Definitions

from The American Heritage® Dictionary of the English Language, 5th Edition.

  • noun The forming of words with letters in an accepted order; orthography.
  • noun The art or study of orthography.
  • noun The way in which a word is spelled.
  • noun A person's ability to spell words.

from The Century Dictionary.

  • noun A story; a relation; a tale.
  • noun The act of one who spells; the manner of forming words with letters; or thography.
  • noun A collocation of letters representing a word; a written word as spelled in a particular way.

from the GNU version of the Collaborative International Dictionary of English.

  • adjective Of or pertaining to spelling.
  • adjective [U.S.] a spelling match.
  • adjective a book with exercises for teaching children to spell; a speller.
  • adjective a contest of skill in spelling words, between two or more persons.
  • noun The act of one who spells; formation of words by letters; orthography.

from Wiktionary, Creative Commons Attribution/Share-Alike License.

  • verb Present participle of spell.
  • noun uncountable The act, practice, ability, or subject of forming words with letters, or of reading the letters of words; orthography.
  • noun uncountable The manner of spelling of words; correct spelling.
  • noun countable A specific spelling of a word.
  • noun US, rare, dated, countable or uncountable A spelling test or spelling bee.

from WordNet 3.0 Copyright 2006 by Princeton University. All rights reserved.

  • noun forming words with letters according to the principles underlying accepted usage

Etymologies

from Wiktionary, Creative Commons Attribution/Share-Alike License

1400s, from spell (verb) + -ing.

Examples

Comments

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  • Suport You're Local's!

    I saw this handwritten sign in a window a few days ago. The "local's" referred to are local craft makers. I like it because every word is either misspelled or grammatically incorrect.

    October 22, 2007

  • OUCH! That hurts my head!

    October 22, 2007

  • It's also surprisingly difficult to read, isn't it?

    October 22, 2007

  • Wait. What if we rearranged the punctuation?

    "Support! You're Locals."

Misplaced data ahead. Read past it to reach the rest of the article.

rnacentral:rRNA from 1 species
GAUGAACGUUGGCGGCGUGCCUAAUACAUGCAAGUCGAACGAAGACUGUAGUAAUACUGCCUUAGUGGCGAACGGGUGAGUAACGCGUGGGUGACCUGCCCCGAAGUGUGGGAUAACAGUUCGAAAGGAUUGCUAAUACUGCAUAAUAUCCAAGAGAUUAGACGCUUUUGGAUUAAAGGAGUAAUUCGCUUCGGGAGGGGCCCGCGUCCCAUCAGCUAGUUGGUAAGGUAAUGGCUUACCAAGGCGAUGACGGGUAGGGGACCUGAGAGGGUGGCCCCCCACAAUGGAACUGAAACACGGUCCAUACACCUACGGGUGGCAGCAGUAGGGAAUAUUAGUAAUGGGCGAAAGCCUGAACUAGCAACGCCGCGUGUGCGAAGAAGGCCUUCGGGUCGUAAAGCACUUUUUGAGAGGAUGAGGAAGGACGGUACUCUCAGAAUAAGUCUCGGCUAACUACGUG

October 22, 2007

  • That reminds me of a story (possibly apocryphal) about the wife of Peter the Great (or was it Ivan the Terrible...?) who had a merciful streak as well as being more literate than her husband. She intercepted a note from the emperor to one of his officers about the fate of a man who was imprisoned. The note supposedly said: "Pardon impossible. To be sent to Siberia."

    Allegedly the woman changed the punctuation to read: "Pardon, impossible to be sent to Siberia." And the man's life was saved.

    I don't really know or care how true it is. I just thought the use of punctuation to change the meaning was interesting.

    October 22, 2007

  • And the famous "Woman, without her man, is nothing." Changed to "Woman: Without her, man is nothing." :-)

    October 22, 2007

  • I have to wonder about people who go out of their way to insert unnecessary punctuation. It's easier to type your than you're! It's easier to type locals than local's! It's a two-for-one deal: save yourself the trouble of typing extra characters, AND get the added bonus of being correct. Who wouldn't want that?

    A frightened part of me suspects that these people assume using more letters and punctuation marks equals being more grammatically intelligent. Like refusing to acknowledge that its really is the possessive form of it, because it's not as "complete" as it could be.

    October 23, 2007

  • On the nosey, U. It's the same phenomenon that we experience when people say "Bruce was really mean to she and I," but that's another story...

    October 23, 2007

  • Or "Myself and Bob decided not to go." *shudder*

    October 23, 2007

  • Or, like the sign I saw the other day:

    Lost "Keys"

    Please return to... (etc.)

    Perhaps the author really did mean that the misplaced object masquerades as keys. AGH!

    Skipv, one of my (least) favorites is similar to your example, but mixes up the cases entirely: "I can't believe he did that to her and I." STABBY!! STABBY STABBY!!

    October 23, 2007